Kyoto is unarguably one of the prettiest places in the world. The former capital of Japan has plenty to offer for the discerning traveller, and it is best enjoyed by choosing a place to stay that showcases the country’s rich cultural heritage and traditions. Suiran Kyoto fits this bill to the T.
Part of the Luxury Collection by Starwood Resorts & Hotels, this oriental paradise is tucked in a corner of Arashiyama, located towards the west of central Kyoto and on the north banks of the Hozugawa river.
Considered to be one of the most beautiful sights of this city, Arashiyama was once a summer holiday destination and fishing retreat for noble families. Located on the banks of Oi River and at the foothills of the Arashiyama Mountains – also known as the “storm mountains” the site is today famous for temples and shrines. The Togetsu-kyo bridge takes the spotlight at first before the rest of the gems fall into place such as the famed Sagano Bamboo Forest and UNESCO World Heritage site Tenryu-ji Temple – both spots that have earned a secured position in the best sites of Kyoto.
Further up the river you will reach Kameyama-Koen Park and several other spots that leave you in awe. One way to explore some of these sites is to rent a boat and enjoy a lazy cruise along the Hozugawa river. In spring or autumn, there is the Sagano Romantic Train that offers a scenic tour. As well as the tourist spots, you can revel in the charm of Japan’s beautiful cherry blossoms early in the year while flaming red maple trees hug the landscape in winter. Also, if you are visiting in May, Arashiyama is full bloom during the shinryoko, or the new green season.
Suiran Kyoto is located just a stone’s throw away from these attractions. Even the nearby tourist-packed bamboo grove doesn’t disrupt the peace and calm that prevails in the hotel premises. If you pay close attention, you may hear are muffled voices of hotel guests, footsteps over the property’s pebbled walkways and a water fountain. The grove is best visited in the early hours or late evening.
You can reach the hotel by taxi from Kansai International Airport in around two hours, I had taken the Bullet train from Tokyo and it took me 45 minutes by taxi from JR Kyoto station.
As soon you enter the grounds through its main arch, you are looking into old Kyoto with elements of modern times blended in effortlessly. The ambiance resembles a ryokan, a traditional Japanese inn that used to exist since the 8th century. Cobbled pathways, swaying trees, manicured lawns, fountain features and wooden architecture transports you to a different age, an era bygone.
The hotel, which opened in 2015, stands where once stood the summer palace of emperor Godagio who ruled the area in the early 14th century and later became part of a temple. The property was sold off in the late 19thcentury before the founder of Kawasaki, Shozo Kawasaki, built a summer home here. This structure still stands today and houses the Kyo-Suiran restaurant.
While waiting for checking in, you should definitely chat up with the front desk staff to narrate the story of the hotel’s old reception desk. This unique piece of art is made from a 500 year old piece of pinewood.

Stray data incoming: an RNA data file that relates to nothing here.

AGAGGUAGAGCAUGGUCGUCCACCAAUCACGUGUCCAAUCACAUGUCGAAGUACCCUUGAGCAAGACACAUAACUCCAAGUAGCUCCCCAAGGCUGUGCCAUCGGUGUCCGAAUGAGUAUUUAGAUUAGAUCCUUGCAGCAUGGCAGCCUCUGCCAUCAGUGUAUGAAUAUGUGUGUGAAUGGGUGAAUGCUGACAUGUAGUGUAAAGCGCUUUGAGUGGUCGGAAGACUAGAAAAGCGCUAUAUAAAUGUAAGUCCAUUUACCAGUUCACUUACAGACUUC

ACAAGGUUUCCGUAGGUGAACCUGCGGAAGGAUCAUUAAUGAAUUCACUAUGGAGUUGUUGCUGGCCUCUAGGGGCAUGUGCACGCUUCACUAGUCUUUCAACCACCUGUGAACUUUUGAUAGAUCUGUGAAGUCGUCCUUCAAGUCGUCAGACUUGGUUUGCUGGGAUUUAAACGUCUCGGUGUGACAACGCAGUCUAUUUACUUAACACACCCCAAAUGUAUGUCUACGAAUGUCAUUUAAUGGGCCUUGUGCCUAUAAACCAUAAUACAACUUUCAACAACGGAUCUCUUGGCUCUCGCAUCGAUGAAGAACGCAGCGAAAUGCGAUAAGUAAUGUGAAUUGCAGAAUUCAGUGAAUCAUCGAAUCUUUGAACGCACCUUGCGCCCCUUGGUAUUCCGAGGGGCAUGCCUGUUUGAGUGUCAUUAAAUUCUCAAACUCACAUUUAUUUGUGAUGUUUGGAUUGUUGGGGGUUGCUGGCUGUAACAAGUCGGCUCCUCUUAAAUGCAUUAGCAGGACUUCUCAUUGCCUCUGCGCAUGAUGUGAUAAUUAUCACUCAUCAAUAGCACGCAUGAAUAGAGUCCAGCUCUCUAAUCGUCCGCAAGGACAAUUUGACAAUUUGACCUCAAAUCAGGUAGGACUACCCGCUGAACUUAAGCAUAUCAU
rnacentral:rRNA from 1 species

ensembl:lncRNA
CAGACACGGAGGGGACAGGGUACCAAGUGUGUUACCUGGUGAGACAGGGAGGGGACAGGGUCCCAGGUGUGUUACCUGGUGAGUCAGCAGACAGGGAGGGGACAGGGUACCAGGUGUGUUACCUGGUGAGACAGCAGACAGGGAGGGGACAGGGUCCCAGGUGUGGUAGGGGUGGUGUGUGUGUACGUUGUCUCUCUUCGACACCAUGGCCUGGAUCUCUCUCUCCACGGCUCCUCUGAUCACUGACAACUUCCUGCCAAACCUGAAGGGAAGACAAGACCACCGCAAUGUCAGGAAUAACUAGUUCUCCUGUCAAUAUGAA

Thirty nine rooms in five different sizes are available at Suiran, from moderate twin rooms to four types of executive suites. Most of them offer views of the river and mountains and a few with its own open air spa baths with “onsen” (Japan’s natural bubbling hot springs). Like the one I had in the Yuzunoha deluxe room that I checked into, which replaced spanning views of the hills with a pleasing garden view lined with maple trees.
In true Japanese style, the room was spacious yet designed in an elegant, minimalist fashion including lacquered furniture, Tashami floor mats, painted screens, wooden indoor clogs, traditional cotton kimonos hung up on bamboo cloth hangars. Low tables and chairs are placed facing the balcony with the garden in the backdrop. Evidence of the country’s love affair with technology included a remote-controlled toilet seat, well-equipped with toiletries from Laboratoire Remede.
There are no gyms or fitness centres at Suiran. With acres of natural groves and gardens, this has no significance whatsoever. There is also no swimming pool, the lack of which is hardly felt thanks to two open-air bath houses with mineral water from the local hot springs that be hired for private use. One is Raku which is a cypress open-air bathtub and An, is a bath created with rocks.
Suiran has two dining options. Situated at the heart of the hotel, Kyo-Suiran offers an experience like no other in its traditional settings. It offers kinshu, a 12-course set menu which I hear is very popular. Being a vegetarian, I opted to go for a la carte. This is also where breakfast is served, both Japanese and Western. The executive chef uses influences from Europe where he spent some time at an olive farm and fell in love with the region’s cuisine.
Cafe Hassui is situated in a 100-year old building and has a terrace area offering great views of the river. Japanese snacks and sweets are served here but the afternoon tea is highly recommended.
Suiran is not the usual polished luxury hotel. It is a destination of its own that takes you back a few centuries into the past and lets you experience the ways of life from ancient Japan and most importantly gives mind, soul, and body a sense of awakening.